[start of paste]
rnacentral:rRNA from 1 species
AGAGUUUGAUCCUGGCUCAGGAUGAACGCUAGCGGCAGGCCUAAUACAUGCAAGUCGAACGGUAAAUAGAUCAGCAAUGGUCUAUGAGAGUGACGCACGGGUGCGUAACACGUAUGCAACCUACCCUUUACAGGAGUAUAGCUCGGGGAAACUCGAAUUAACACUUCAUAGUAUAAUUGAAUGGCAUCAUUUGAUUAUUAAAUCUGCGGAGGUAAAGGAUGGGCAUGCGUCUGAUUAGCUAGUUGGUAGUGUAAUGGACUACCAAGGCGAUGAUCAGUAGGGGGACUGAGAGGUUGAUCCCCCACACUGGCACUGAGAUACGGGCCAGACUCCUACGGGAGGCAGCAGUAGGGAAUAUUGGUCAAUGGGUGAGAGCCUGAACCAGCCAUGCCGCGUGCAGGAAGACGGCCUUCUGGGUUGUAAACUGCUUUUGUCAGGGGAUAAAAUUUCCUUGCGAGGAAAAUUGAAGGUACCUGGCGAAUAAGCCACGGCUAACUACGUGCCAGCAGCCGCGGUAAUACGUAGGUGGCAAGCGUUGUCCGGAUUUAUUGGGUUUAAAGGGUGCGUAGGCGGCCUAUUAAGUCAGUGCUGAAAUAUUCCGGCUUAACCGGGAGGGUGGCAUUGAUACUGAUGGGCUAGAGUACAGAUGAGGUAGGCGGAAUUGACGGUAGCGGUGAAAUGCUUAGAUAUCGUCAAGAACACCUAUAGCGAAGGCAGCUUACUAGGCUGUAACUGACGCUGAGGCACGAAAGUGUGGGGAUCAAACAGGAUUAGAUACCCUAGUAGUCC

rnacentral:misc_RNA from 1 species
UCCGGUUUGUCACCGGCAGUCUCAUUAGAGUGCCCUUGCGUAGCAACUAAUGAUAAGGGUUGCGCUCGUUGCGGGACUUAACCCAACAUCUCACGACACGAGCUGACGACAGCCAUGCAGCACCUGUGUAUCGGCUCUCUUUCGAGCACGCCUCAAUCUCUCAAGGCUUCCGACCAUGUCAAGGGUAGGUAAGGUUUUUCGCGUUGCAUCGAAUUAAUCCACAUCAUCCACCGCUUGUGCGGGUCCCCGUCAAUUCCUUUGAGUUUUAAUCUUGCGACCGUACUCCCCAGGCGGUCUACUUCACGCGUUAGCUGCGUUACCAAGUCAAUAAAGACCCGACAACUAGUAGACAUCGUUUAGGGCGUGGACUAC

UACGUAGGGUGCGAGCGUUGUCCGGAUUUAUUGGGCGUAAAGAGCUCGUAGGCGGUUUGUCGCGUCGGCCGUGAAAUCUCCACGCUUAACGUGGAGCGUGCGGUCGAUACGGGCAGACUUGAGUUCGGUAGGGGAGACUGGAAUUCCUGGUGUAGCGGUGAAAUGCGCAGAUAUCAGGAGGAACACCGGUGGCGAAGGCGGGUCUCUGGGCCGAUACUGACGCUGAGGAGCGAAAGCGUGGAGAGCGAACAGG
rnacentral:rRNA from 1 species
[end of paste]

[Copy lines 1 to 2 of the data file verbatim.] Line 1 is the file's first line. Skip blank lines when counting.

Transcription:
rnacentral:rRNA from 1 species
AGAGUUUGAUCCUGGCUCAGGAUGAACGCUAGCGGCAGGCCUAAUACAUGCAAGUCGAACGGUAAAUAGAUCAGCAAUGGUCUAUGAGAGUGACGCACGGGUGCGUAACACGUAUGCAACCUACCCUUUACAGGAGUAUAGCUCGGGGAAACUCGAAUUAACACUUCAUAGUAUAAUUGAAUGGCAUCAUUUGAUUAUUAAAUCUGCGGAGGUAAAGGAUGGGCAUGCGUCUGAUUAGCUAGUUGGUAGUGUAAUGGACUACCAAGGCGAUGAUCAGUAGGGGGACUGAGAGGUUGAUCCCCCACACUGGCACUGAGAUACGGGCCAGACUCCUACGGGAGGCAGCAGUAGGGAAUAUUGGUCAAUGGGUGAGAGCCUGAACCAGCCAUGCCGCGUGCAGGAAGACGGCCUUCUGGGUUGUAAACUGCUUUUGUCAGGGGAUAAAAUUUCCUUGCGAGGAAAAUUGAAGGUACCUGGCGAAUAAGCCACGGCUAACUACGUGCCAGCAGCCGCGGUAAUACGUAGGUGGCAAGCGUUGUCCGGAUUUAUUGGGUUUAAAGGGUGCGUAGGCGGCCUAUUAAGUCAGUGCUGAAAUAUUCCGGCUUAACCGGGAGGGUGGCAUUGAUACUGAUGGGCUAGAGUACAGAUGAGGUAGGCGGAAUUGACGGUAGCGGUGAAAUGCUUAGAUAUCGUCAAGAACACCUAUAGCGAAGGCAGCUUACUAGGCUGUAACUGACGCUGAGGCACGAAAGUGUGGGGAUCAAACAGGAUUAGAUACCCUAGUAGUCC